The fructose content of Xagave is less than sugar (sucrose), about the same as honey, and less than HFCS. In addition, Xagave has less total sugars than the above mentioned sweeteners. Xagave has a glycemic index of 30 (date paste has a GI over 103), and contains inulin, (a prebiotic fiber, promoting the healthy function of your lower intestine that has also been shown to promote regularity, boost the immune system, increase calcium absorption and increase bone density).

Interestingly, onions also promote regularity, boost the immune system, increase calcium absorption and increase bone density... and also contain inulin. When I worked at Stoneyfield Farm Yogurt, I learned that they add inulin to their yogurt. Just a little aside!

I hope this information is helpful to you on your quest to know the truth about agave. Like anything we purchase to feed our bodies with, no two products are created equal... There are good tomatoes and toxic tomatoes, even though they are both called tomatoes. The same is true of agave.

To read Susan's full article on Rawmazing, click here: Agave: Hero or Villain. To learn more about Xagave, including independent lab tests, click here: Xagave.


Monday, April 5, 2010

Jamie Oliver: Teach Every Child About Food

I heard rumblings about this video, shocking things I could barely believe, and now I've come across it and finally seen for myself. Jamie Oliver is a chef who has found his mission: to fight obesity in America by educating children about food. Yes! He states his wish as this: "I wish for everyone to help create a strong, sustainable movement to educate every child about food, inspire families to cook again and empower people everywhere to fight obesity."

I got into a little discussion with the person who sent me this video - he loves the message, as I do, but we disagree on one point. He thinks it's harder than ever to get away from bad foods laden with salt and sugar. I think it's the same answer as it's always been to do so.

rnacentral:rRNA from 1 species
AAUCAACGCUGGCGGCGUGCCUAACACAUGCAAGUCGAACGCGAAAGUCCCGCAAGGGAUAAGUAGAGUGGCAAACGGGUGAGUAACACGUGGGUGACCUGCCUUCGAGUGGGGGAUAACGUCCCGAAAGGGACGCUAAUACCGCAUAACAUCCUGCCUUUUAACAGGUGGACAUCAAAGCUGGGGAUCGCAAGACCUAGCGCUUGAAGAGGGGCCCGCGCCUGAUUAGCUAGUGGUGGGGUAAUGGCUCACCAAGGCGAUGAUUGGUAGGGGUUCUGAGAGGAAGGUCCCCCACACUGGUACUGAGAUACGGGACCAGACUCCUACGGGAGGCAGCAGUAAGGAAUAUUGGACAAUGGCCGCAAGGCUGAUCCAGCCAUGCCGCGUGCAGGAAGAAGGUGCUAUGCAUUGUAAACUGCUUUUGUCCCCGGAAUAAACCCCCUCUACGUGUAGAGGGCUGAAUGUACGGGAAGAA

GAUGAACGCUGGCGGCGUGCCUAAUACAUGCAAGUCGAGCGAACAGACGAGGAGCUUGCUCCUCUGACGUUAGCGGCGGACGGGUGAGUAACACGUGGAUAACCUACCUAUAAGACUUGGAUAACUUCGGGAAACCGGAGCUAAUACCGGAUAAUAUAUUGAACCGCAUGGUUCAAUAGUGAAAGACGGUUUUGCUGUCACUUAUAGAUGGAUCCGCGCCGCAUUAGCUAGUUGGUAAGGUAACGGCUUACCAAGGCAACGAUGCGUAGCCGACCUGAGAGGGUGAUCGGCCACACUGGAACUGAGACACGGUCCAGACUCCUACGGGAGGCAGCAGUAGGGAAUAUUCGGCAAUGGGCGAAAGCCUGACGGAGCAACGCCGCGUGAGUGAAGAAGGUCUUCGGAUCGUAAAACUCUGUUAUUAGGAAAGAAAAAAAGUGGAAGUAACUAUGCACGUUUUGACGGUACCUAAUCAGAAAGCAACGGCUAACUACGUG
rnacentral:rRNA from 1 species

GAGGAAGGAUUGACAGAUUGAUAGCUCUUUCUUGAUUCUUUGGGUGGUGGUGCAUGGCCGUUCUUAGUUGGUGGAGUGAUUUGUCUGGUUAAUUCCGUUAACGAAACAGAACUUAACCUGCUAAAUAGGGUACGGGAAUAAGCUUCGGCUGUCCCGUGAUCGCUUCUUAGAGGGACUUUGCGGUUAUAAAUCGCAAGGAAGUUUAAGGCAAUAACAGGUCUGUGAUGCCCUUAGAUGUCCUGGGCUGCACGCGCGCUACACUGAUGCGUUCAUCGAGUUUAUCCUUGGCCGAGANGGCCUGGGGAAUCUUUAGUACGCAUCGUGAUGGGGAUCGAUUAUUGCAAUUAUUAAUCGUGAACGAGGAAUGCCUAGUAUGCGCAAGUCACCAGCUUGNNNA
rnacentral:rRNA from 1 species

When I was growing up in the 80's, we had fast food and chain restaurants, we had ice cream stands and soda, we had poor nutritional school lunch programs... Everything that exists today. However, I grew up in a household that treated all of those foods as a once-in-a-great-while treat. We had ice cream for dessert once a week, on Fridays, during the summer (and we only had dessert once a week). We had soda only for birthdays, so for my sister and I that meant twice a year. Only my grandmother would take us to McDonalds, which was very infrequent. When we had pizza, it was homemade from scratch with whole wheat crust. We ate dinner together as a family almost every night, and we made our dinners together. We made our own school lunches, and didn't buy from the cafeteria.

The point is, the answer hasn't changed even if the food landscape has (adding sugar to elementary school milk cartons??? Yikes!). Families need to re-evaluate the way they treat food in the home, and how often they go out for prepared food instead of eating at home.

I absolutely applaud Jamie Oliver for embarking on this mission. It is very near to my own mission. I encourage everyone to watch the video... And pass it on.


Friday, April 2, 2010

30 Day Raw Challenge

With the weather in New England unseasonably sunny and warm, now is the perfect time to start the 30 Day Raw Challange! This is a wonderful way for those who have been thinking about eating 100% raw living food to jump in with both feet. Join the Event page for helpful tips, suggestions, Q&A, recipes, support, etc. If you're not ready for a 30 day commitment, or not ready for 100%, you can always modify the challenge to suit you. But Denise and I highly recommend going at this full steam ahead! You won't believe how amazing you feel at the end of the 30 days, and don't be surprised if your body craves staying raw...